Swoon: Konbit Shelter in Haiti Project on KickstarterJuxtapoz // Friday, 21 Dec 2012
Brooklyn-based Swoon has spent a good deal of her art career working as a socially conscious, charity and project-based philanthropist, and in that time, become one of our all-time favorites. She just launched a Kickstarter for a project we fully back, the Konbit Shelter project in Haiti. Konbit Shelter is building creative, safe, beautiful, and sustainable homes for Haitian families in the continuing aftermath of the earthquake of 2010 and Hurricane Sandy. By supporting, you can have interaction with members of the team putting the project together, prints, and residents who benefit from your donations.
Go here and PLEASE SUPPORT!!!!!
Here is what it means:
We believe that beauty, soulfulness, and innovation have a place in the reconstruction of communities after a disaster.
In January 2013, we will begin our third construction, a house for Avelia Louis and her family, which includes three (insanely adorable!) kids. Part of an ongoing relationship between a small group of artists, architects, engineers and builders in the United States, and small rural village in Haiti, this house will bring into fruition all of the knowledge and insights that have been gathered over the past two years of building together with residents of Cormiers.
We started with the idea that artists might have something distinct and powerful to contribute to the rebuilding process, and we have created two unique structures -- a community center, and a one family home, out of this philosophy.
With this third construction, we will be using earth-bag architectural techniques for their resilience against natural disasters of all kinds, and reliance on locally available resources. The building process will continue the skill-share relationship that has grown up around our previous constructions, and, in the process, bring much needed jobs to people in the village. The home that we create together with Avelia, will be an inventive, light-filled, craftsmanly construction that will involve the sculptors, masons, carpenters, and other interested folks of Cormiers.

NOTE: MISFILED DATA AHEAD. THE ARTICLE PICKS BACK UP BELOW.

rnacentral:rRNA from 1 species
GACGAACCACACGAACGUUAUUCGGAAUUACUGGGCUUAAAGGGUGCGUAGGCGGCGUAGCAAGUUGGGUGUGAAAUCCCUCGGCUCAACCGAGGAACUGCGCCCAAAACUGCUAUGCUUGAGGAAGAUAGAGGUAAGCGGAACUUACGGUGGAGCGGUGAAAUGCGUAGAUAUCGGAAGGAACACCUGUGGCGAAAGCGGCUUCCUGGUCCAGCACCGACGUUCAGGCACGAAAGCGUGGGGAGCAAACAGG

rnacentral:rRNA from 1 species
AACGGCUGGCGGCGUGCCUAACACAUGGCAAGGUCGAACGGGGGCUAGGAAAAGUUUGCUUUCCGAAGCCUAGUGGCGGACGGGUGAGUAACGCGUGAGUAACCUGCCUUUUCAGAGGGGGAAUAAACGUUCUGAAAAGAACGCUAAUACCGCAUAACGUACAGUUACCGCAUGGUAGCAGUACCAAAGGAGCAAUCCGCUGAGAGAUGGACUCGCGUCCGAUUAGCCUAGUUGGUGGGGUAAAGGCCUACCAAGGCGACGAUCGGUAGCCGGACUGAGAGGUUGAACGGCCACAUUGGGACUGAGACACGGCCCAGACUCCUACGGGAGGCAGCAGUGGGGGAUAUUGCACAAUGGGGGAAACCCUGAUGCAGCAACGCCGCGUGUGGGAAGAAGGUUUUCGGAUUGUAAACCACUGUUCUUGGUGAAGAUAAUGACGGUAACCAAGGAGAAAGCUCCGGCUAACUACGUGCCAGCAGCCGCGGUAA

Hand Carved windows and awnings, high ceilings, and unique architectural details like welded barrel frame windows and radial ceiling scaffoldings are what makes these houses artist collaborations. Drawing on, and adapting the tradition of earth-bag and super-adobe building is what makes these houses a step in the evolution of sustainable earth bag technology, tailored specifically to Haiti's tropical climate.
At the end of this third construction, an illustrated booklet will be created in Creole and English, to share with people in Haiti, and internationally, the techniques and adaptations that have been accrued through our work.
Our funding will go primarily toward buying materials and employing our build crew in Cormiers, and secondarily to getting the Konbit team organized and out there. Plus maybe 5 bucks to buy extra glitter for the art workshops at the community center to celebrate when we’re all done....
Konbit Shelter began with the idea of sharing the style of earth-bag dome architecture designed and engineered by Iranian born architect Nadir Khalili, who spent the last 20 years of his life tackling the problem of housing for vulnerable populations around the world.
Our idea has been to harness our resources and creativity to share a body of knowledge that will be useful to families across the region in post-earthquake rebuilding. Aware of the pitfalls of dependency often created by international aid programs, we strive to create a situation in which we can cross pollinate our ideas with local ingenuity, customs, and building styles -- ultimately leading to a hybrid architecture which takes the best of these available building systems, and creates something safe, beautiful and affordable, that Haitian families can construct on their own, without the need of outside assistance or resources.
One of the biggest technical challenges to this goal has been the cost of building materials. In Leogane Haiti, $8 gets you one bag of cement, while $7-10 is commonly a days wage. In community meetings, when we have asked what works and what doesn’t about the structures, people have said that the buildings are great houses and community spaces, light-filled and cool year round, but that despite utilizing a style developed for it’s affordability, these homes are still out of the economic reach of a rural family.
Our goal in building this third house is to tackle this challenge head on by looking into other styles of earth-bag building that utilize less cement, and hew more closely to local housing styles, while continuing our commitment to making bright, inventive structures that incorporate local craftsmanship and creativity.